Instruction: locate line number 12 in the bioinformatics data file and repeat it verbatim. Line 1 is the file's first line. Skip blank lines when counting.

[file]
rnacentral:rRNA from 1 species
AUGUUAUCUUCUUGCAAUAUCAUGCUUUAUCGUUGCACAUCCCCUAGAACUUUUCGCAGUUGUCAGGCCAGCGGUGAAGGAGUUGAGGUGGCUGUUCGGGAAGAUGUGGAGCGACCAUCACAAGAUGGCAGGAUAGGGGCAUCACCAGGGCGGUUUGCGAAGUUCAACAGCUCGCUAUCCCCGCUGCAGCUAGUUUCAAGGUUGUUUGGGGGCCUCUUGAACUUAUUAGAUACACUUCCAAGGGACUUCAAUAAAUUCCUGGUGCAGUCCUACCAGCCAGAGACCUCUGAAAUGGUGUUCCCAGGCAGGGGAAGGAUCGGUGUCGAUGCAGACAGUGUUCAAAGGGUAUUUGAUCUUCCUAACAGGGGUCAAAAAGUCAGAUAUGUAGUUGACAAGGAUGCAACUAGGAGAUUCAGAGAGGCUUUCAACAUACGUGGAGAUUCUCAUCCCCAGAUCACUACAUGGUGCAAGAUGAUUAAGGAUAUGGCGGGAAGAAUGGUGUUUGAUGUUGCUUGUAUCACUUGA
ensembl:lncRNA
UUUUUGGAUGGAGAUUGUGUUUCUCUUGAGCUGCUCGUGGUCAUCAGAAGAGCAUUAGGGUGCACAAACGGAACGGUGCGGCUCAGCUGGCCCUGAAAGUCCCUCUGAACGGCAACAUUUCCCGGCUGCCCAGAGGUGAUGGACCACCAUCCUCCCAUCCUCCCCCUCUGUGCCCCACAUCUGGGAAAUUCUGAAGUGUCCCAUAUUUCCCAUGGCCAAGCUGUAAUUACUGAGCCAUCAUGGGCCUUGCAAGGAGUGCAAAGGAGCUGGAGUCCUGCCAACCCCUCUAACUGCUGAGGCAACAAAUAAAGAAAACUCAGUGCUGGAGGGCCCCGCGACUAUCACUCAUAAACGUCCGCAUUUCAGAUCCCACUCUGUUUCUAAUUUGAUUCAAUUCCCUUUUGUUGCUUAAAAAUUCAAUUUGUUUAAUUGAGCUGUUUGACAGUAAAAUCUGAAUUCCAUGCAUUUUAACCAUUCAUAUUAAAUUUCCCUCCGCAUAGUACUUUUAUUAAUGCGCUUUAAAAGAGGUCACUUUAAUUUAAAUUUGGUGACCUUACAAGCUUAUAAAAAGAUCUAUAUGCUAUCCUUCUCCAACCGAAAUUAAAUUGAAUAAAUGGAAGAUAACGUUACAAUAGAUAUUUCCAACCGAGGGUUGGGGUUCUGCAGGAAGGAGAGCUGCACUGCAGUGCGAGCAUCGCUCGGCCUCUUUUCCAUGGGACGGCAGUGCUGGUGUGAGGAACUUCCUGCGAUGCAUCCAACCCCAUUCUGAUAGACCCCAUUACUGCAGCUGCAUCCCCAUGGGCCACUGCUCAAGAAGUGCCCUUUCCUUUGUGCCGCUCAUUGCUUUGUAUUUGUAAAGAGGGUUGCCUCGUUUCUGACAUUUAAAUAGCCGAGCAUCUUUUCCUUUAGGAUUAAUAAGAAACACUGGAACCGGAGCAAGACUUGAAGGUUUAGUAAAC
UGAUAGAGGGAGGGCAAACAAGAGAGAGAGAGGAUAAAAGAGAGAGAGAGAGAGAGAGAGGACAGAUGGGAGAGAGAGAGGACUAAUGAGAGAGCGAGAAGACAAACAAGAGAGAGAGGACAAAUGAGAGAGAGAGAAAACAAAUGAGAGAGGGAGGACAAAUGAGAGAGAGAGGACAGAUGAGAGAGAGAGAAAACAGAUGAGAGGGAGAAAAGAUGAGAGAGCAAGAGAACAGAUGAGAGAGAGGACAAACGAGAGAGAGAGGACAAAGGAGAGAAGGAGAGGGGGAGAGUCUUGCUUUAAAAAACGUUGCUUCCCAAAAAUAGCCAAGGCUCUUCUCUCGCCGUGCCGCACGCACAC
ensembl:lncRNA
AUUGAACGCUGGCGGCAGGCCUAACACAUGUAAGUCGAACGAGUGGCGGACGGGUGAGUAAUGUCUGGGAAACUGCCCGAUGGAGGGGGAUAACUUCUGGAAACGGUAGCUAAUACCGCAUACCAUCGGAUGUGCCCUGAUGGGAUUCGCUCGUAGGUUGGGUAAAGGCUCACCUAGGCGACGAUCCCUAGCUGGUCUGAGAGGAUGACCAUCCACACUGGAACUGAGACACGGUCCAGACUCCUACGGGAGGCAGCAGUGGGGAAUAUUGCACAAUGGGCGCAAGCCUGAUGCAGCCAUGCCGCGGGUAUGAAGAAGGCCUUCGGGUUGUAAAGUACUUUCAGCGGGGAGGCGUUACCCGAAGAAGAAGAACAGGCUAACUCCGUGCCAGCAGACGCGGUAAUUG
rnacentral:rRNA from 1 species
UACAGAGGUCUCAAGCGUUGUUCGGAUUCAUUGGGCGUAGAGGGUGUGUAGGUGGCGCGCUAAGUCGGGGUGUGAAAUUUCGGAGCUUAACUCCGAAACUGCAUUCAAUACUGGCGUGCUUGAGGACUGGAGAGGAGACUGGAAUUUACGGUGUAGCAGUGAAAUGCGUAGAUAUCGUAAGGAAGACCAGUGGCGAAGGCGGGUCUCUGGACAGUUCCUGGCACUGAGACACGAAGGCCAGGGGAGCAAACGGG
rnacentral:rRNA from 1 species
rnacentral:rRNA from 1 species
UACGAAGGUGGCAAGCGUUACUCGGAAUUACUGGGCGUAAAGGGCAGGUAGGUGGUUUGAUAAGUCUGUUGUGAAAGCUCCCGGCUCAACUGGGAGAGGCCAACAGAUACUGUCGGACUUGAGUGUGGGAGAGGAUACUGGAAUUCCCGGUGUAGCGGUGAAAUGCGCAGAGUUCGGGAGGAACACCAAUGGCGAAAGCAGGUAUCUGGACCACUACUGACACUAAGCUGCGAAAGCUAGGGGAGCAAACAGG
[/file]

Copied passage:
UACGAAGGUGGCAAGCGUUACUCGGAAUUACUGGGCGUAAAGGGCAGGUAGGUGGUUUGAUAAGUCUGUUGUGAAAGCUCCCGGCUCAACUGGGAGAGGCCAACAGAUACUGUCGGACUUGAGUGUGGGAGAGGAUACUGGAAUUCCCGGUGUAGCGGUGAAAUGCGCAGAGUUCGGGAGGAACACCAAUGGCGAAAGCAGGUAUCUGGACCACUACUGACACUAAGCUGCGAAAGCUAGGGGAGCAAACAGG